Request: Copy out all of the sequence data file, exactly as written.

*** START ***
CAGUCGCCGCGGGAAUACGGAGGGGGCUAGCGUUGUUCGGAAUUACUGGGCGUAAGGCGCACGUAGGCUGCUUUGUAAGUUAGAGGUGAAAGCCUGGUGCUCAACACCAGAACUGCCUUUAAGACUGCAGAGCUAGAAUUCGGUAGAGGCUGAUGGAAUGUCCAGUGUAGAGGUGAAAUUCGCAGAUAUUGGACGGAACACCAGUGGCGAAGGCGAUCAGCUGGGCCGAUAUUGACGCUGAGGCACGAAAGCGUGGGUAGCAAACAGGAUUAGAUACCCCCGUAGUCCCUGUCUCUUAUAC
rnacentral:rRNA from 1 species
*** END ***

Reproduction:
CAGUCGCCGCGGGAAUACGGAGGGGGCUAGCGUUGUUCGGAAUUACUGGGCGUAAGGCGCACGUAGGCUGCUUUGUAAGUUAGAGGUGAAAGCCUGGUGCUCAACACCAGAACUGCCUUUAAGACUGCAGAGCUAGAAUUCGGUAGAGGCUGAUGGAAUGUCCAGUGUAGAGGUGAAAUUCGCAGAUAUUGGACGGAACACCAGUGGCGAAGGCGAUCAGCUGGGCCGAUAUUGACGCUGAGGCACGAAAGCGUGGGUAGCAAACAGGAUUAGAUACCCCCGUAGUCCCUGUCUCUUAUAC
rnacentral:rRNA from 1 species